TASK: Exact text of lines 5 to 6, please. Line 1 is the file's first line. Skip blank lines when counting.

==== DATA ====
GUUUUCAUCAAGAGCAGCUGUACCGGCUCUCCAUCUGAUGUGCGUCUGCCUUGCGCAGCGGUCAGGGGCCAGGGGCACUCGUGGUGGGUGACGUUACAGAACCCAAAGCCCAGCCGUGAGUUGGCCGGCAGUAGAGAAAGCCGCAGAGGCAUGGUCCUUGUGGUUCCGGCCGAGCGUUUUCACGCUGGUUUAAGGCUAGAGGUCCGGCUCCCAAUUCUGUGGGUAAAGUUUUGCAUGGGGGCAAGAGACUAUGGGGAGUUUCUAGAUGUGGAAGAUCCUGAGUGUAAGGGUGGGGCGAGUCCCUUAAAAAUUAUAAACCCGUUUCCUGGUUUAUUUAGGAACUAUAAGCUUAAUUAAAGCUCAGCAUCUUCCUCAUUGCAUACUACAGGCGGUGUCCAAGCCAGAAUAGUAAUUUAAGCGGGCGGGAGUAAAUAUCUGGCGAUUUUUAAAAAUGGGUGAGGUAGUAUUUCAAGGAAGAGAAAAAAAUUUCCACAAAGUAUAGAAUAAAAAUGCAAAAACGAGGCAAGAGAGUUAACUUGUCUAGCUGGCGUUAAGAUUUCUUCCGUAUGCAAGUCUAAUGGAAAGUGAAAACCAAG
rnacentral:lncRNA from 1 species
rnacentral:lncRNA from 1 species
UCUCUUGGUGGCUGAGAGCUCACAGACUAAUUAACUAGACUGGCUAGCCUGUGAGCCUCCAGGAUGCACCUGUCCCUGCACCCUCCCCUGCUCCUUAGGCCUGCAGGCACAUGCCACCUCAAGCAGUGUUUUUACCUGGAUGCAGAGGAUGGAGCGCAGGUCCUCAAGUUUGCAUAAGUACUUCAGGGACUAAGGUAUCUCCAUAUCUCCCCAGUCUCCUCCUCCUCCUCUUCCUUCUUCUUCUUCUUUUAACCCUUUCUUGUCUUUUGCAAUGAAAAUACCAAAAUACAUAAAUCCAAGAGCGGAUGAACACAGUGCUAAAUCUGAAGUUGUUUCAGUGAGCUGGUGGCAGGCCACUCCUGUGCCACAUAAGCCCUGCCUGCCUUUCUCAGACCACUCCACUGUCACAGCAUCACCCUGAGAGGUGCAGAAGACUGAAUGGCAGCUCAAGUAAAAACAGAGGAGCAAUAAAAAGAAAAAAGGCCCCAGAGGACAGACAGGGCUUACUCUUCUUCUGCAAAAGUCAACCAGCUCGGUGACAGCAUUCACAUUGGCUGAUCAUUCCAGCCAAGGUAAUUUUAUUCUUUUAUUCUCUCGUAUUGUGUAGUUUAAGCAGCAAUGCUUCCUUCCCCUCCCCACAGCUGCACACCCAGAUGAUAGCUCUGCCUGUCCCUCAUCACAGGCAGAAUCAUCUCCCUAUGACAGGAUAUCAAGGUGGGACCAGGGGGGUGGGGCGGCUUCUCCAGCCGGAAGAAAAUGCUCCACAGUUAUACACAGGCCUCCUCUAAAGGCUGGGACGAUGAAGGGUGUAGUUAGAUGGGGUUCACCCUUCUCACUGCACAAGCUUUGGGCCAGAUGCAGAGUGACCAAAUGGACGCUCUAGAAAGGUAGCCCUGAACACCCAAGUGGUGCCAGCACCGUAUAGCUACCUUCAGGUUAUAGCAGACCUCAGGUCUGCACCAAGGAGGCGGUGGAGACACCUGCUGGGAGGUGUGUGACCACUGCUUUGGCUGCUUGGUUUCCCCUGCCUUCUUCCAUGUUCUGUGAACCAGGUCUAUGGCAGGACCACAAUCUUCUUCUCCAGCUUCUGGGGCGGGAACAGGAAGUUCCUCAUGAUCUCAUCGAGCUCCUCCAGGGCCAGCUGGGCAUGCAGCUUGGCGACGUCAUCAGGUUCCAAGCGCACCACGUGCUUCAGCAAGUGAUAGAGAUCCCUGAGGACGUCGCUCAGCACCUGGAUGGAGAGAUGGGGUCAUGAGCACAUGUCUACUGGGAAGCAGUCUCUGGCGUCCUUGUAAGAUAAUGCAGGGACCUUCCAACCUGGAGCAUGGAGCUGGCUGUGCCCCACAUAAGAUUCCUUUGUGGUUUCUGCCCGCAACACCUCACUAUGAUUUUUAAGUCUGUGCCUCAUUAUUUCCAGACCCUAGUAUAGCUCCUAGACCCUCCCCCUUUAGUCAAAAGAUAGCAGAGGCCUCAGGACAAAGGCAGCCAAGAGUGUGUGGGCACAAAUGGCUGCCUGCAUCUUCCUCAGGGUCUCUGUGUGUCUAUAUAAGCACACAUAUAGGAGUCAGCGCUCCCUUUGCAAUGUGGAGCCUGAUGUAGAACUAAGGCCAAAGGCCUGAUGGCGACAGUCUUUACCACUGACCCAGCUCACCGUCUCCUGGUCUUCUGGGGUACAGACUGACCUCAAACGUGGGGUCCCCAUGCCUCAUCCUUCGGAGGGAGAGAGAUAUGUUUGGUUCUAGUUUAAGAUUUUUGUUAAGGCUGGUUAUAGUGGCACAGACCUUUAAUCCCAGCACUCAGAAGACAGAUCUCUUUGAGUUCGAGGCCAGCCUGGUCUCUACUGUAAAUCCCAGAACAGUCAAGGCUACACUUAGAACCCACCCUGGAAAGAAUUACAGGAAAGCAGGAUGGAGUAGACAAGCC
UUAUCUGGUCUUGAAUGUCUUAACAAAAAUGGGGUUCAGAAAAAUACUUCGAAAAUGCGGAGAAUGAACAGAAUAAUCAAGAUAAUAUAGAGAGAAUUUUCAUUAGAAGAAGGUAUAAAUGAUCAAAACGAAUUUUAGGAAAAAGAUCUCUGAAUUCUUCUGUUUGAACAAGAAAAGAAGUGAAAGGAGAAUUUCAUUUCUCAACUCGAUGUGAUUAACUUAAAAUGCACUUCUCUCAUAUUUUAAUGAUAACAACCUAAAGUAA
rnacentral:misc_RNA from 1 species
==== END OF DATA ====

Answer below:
UUAUCUGGUCUUGAAUGUCUUAACAAAAAUGGGGUUCAGAAAAAUACUUCGAAAAUGCGGAGAAUGAACAGAAUAAUCAAGAUAAUAUAGAGAGAAUUUUCAUUAGAAGAAGGUAUAAAUGAUCAAAACGAAUUUUAGGAAAAAGAUCUCUGAAUUCUUCUGUUUGAACAAGAAAAGAAGUGAAAGGAGAAUUUCAUUUCUCAACUCGAUGUGAUUAACUUAAAAUGCACUUCUCUCAUAUUUUAAUGAUAACAACCUAAAGUAA
rnacentral:misc_RNA from 1 species